Posted on September 11, 2023 by Christopher Reichert

Three UTSA students join others from around the country for a data science experience in Chicago
Pictured from left to right: Joseph Jaiyeola, Lizet Casas, Alexander Herrejon. Photo courtesy of Amanda Brown.

Pictured from left to right: Joseph Jaiyeola, Lizet Casas, Alexander Herrejon. Photo courtesy of Amanda Brown.

 Three UTSA students complete selective data science summer lab in Chicago

Over the summer, three UTSA students joined 21 others from around the country in Chicago for a data science Social Impact Summer Experience.  The UTSA School of Data Science created this pathway for the students through its participation in a network of diverse institutions in the United States, India and Africa.  These institutions are funded by the Capacity Accelerator Network (CAN) to build a workforce of purpose-driven data practitioners worldwide. The UTSA students completed the Data Science for Social Impact (DSSI) program, which was designed and hosted by the University of Chicago, another member institution in CAN.  DSSI is a 7-week paid research opportunity for undergraduate and graduate students. For two weeks, the participating students receive intensive training in data science techniques and practices, before spending the remaining five weeks tackling social impact projects on a variety of topics.

Representing UTSA this summer, chosen from nominations from the School of Data Science faculty council members, were Lizet Casas, Alexander Herrejon, and Joseph Jaiyeola. Casas and Jaiyeola are completing their Ph.Ds. at UTSA: Casas in educational leadership and Jaiyeola in applied demography. Both expect to graduate in the spring of 2025. Herrejon graduated from UTSA in May 2023 with an M.A. in geography. With their diverse academic backgrounds, each of the three summer research assistants had different experiences with data science when they first considered the program. Originally receiving his bachelor’s in demography and social statistics from Obafemi Awolowo University in Nigeria, Jaiyeola has always had an interest in applying data science to population studies.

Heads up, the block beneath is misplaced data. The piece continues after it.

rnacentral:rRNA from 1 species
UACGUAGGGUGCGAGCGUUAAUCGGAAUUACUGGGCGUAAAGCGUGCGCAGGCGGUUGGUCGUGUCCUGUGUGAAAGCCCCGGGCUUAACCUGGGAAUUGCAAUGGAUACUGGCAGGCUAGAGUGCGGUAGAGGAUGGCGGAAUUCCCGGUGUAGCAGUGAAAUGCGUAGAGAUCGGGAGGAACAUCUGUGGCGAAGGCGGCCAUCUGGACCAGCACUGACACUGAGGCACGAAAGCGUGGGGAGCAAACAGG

Joseph Jaiyeola pointing at a screen“I’ve been using data science to do thus far to predict and show problems and use that to give policymakers an idea of what direction to go,” he said.

Although his research focuses on environmental justice, Herrejon has similar experience with data science techniques.

“A lot of times I will use it to try to tease out the correlations,” he said, “to try to understand what underrepresented communities are disproportionately close to point sources of pollution.”

Casas, whose background is in public school finance, had less familiarity with data science, so when it came to applying to the DSSI, it was a bit outside her comfort zone.

“I didn’t know what it was or what I was getting into,” she said. “I thought it would be interesting to put myself in the mix as an education doctoral student and see how it could help me.”

Despite her relative inexperience, Casas wasn’t the only UTSA student uncertainly submitting an application. Herrejon and Jaiyeola both recall questioning whether they should apply or would be accepted. Even after they all arrived in Chicago for the start of the program, Jaiyeola says he felt apprehensive.

“I was a little scared it was going to be something that would throw me off balance when I got there and I’d be the dumbest person in the internship,” he said. “I was optimistic about it though. I think my experience was great; I was glad I was there. I was learning new stuff.”